Skip to main content
You are the owner of this article.
You have permission to edit this article.
For 2 Montanans, unbroken horses and blow-torched marmot come with the territory in 'world's toughest' race

For 2 Montanans, unbroken horses and blow-torched marmot come with the territory in 'world's toughest' race

They know Guinness calls it the longest and toughest equestrian race in the world – that they’ll be crossing the Mongolia steppe astride a series of unbroken horses while possibly or likely encountering dehydration from searing desert heat, hypothermia from penetrating mountain cold, roving packs of wild dogs, the snarling guard dogs of nomads, intense sleep deprivation, myriad diseases and, perhaps worst of all, dysentery from a local diet comprised of mutton, fermented mare's milk and – we swear this is true – blow-torched marmot.

Here’s what Kelly Hale of Red Lodge and Marie Griffis of Manhattan don’t know about the wild and woolly Mongol Derby, a 1,000-kilometer sprint in August that roughly follows in the hoof prints of an ancient Genghis Khan postal trail.

The route.

“I have two theories on this,” says Griffis, 42, a lifelong Montanan, dedicated horsewoman for just as long, and professional pastry chef. “One, they want to keep it a secret so nobody goes and scopes it out. And No. 2, for our safety.”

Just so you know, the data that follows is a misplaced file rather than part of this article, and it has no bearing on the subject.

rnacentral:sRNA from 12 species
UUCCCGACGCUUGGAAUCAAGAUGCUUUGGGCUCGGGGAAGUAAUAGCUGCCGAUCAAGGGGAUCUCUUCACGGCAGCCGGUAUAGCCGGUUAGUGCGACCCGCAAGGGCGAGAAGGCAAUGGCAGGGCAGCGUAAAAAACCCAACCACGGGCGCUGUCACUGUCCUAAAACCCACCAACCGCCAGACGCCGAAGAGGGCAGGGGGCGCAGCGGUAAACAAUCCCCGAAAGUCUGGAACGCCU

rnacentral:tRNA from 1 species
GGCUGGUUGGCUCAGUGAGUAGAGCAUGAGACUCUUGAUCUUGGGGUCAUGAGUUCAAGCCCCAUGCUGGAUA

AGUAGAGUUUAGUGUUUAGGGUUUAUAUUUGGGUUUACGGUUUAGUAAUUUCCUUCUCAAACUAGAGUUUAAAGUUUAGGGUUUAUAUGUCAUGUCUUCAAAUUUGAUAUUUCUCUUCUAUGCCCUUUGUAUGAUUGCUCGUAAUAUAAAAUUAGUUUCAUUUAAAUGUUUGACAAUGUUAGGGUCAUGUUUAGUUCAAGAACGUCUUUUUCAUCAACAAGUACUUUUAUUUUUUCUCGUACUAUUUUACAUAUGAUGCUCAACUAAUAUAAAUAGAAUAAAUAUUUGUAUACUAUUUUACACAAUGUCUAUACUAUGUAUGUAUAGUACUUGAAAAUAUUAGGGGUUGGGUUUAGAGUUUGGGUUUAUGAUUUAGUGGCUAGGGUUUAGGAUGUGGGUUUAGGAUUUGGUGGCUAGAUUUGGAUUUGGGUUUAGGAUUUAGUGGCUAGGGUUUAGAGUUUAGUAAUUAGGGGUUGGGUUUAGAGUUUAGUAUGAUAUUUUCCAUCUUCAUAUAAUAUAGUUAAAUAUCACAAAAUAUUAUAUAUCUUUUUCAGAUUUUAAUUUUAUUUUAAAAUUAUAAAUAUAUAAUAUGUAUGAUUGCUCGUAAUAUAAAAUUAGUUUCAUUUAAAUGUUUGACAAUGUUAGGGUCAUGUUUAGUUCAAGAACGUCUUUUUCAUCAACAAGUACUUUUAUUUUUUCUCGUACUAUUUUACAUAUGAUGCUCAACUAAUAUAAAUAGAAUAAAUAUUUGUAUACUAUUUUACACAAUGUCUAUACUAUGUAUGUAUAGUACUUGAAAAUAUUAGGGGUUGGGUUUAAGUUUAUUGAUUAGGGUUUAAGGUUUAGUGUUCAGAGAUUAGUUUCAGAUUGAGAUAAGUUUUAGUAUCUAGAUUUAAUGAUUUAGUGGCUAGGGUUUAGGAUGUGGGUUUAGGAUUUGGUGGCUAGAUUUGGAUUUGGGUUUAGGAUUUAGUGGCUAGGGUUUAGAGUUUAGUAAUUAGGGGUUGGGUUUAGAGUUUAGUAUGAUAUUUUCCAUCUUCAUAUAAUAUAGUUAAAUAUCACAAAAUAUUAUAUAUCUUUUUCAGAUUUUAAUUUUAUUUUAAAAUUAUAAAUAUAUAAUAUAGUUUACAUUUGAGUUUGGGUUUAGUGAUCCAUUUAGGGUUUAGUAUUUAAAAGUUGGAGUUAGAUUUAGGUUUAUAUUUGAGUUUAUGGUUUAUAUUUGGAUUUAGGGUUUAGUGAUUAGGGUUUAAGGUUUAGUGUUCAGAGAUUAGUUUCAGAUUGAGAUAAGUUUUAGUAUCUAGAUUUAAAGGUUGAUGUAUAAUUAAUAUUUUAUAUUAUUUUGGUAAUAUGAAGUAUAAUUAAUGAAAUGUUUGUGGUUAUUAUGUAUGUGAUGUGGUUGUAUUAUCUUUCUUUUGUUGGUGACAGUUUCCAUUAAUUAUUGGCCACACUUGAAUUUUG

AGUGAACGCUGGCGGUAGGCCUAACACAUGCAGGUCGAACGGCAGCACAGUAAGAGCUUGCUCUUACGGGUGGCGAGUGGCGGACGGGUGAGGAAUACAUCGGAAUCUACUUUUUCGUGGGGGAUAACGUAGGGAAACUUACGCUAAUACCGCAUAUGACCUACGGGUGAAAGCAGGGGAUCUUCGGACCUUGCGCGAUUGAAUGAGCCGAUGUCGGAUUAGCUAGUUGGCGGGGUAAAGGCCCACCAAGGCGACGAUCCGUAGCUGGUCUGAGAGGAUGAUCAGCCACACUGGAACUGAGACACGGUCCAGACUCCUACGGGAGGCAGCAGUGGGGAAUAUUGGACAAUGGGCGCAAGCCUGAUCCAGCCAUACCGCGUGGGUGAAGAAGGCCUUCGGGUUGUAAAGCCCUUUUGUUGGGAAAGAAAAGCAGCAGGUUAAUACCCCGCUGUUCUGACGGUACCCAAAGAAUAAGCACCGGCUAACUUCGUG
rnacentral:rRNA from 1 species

We hadn't mentioned the marauding bandits, lubricated by vodka and/or the mare's milk concoction called airag? They're in the Mongol Derby minefield, too.

So it won't be until on or around the Aug. 4 start near the capital Ulan Bator that Griffis and Hale learn, along with 42 other contestants from 13 countries, a remote route they’ll have 10 days to complete. 

“Horse people think this is the greatest thing,” said Hale, 55, who moved from Texas to Red Lodge two years ago after hiring on as a dentist at the VA clinic in Billings. “Other people think, ‘What the hell are you doing?’ ”

Griffis explains: “The raw calling would be to prove to myself I can do the longest horse race in the world. I'm learning it's the toughest thing I'll ever do.”

Who could be lured to such a test of mind, body and spirit on horseback? Griffis and Hale both have equestrian pedigrees, though their paths to this place are dramatically different.

Griffis was born in Bozeman, attended high school in Manhattan and has never left Montana except for a stint majoring in bakery and pastry arts at Johnson & Wales University in North Carolina. Cheerful and polished, she looks the prototypical Montana cowgirl, though much of the rawhide is mostly turned inward.

Hale, whose corporate boardroom aura belies the adrenaline rushes on his dossier, is the essence of the Montanan-come-lately, right down to his immaculate wood-accented home with large picture windows framing pastured horses and the Beartooth Mountains.